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Shooting Down History
In an odd coincidence, historic sites in both D.C. and Richmond recently suffered mild damage as a result of stray bullets.
The Richmond Railroad Museum opened their doors Dec. 21 to find evidence of bullets in the old Southern Railway Passenger Station. I happened to be there to get some pictures for the article I was writing about the museum at the time. The museum volunteers called the police to show them the damage. It seemed to be mostly a hole in one door with a corresponding hole in the plaster wall of the hallway, plus a broken window pane in the stationmaster's office.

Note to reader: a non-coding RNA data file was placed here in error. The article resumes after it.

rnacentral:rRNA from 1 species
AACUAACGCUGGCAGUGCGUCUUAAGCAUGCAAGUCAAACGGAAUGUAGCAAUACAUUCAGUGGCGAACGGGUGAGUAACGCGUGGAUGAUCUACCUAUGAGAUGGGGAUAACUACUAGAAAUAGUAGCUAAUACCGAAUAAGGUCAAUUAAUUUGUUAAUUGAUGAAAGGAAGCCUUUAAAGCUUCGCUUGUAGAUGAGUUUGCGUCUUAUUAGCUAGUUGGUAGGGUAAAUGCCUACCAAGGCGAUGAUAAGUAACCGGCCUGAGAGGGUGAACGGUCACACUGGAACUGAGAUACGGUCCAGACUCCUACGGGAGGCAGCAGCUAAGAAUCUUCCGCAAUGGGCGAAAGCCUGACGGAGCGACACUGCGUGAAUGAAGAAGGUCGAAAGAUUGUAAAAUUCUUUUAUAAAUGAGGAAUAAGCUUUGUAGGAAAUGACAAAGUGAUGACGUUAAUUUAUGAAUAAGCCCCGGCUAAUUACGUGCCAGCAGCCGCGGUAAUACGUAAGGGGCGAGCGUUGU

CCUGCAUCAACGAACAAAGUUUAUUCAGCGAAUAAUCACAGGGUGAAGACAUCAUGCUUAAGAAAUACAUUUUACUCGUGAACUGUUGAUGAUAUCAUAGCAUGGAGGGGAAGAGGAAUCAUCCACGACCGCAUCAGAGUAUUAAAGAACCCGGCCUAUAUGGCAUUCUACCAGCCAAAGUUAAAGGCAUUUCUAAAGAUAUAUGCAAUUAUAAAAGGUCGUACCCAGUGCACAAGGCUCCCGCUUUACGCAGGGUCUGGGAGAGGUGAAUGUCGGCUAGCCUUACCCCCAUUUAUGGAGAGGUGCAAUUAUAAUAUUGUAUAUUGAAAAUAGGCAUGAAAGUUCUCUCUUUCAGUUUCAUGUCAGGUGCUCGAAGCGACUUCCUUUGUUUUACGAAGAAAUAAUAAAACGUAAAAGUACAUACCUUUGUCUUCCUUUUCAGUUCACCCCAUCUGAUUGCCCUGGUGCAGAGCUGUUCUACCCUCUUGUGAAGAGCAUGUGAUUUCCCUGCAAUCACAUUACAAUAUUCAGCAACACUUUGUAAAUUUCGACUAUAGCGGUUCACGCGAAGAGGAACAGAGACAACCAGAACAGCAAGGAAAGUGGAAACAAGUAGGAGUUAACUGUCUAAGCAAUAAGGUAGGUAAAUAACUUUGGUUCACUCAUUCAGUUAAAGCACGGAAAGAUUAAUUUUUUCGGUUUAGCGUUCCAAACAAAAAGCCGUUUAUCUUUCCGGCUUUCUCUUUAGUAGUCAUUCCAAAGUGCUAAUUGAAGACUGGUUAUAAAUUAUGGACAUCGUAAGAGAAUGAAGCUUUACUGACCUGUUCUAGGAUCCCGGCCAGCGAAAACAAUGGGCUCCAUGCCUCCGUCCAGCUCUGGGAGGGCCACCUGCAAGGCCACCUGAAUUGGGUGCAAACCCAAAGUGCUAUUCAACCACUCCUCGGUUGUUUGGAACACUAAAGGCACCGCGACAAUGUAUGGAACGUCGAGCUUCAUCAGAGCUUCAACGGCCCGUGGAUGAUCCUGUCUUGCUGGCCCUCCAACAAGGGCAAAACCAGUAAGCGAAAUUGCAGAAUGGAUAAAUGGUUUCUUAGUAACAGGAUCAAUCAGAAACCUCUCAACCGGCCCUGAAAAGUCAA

The incident in Richmond seems tame compared to an intense shootout that happened in D.C. on Dec. 26. The African American Civil War Memorial and Museum was in the middle of a volley of 60 or so shots. Bullets damaged the surrounding area, with one bullet even striking a panel listing the members of the 121st Regiment Colored Infantry. Fortunately, none of the names was damaged.
Extra fortunately, no one was hurt in either of these incidents. Historic sites pale in importance to human life. But people need to be more careful with guns. Someone could have gotten hurt or killed. Stray bullets are a big deal. Tighten up D.C. and Richmond!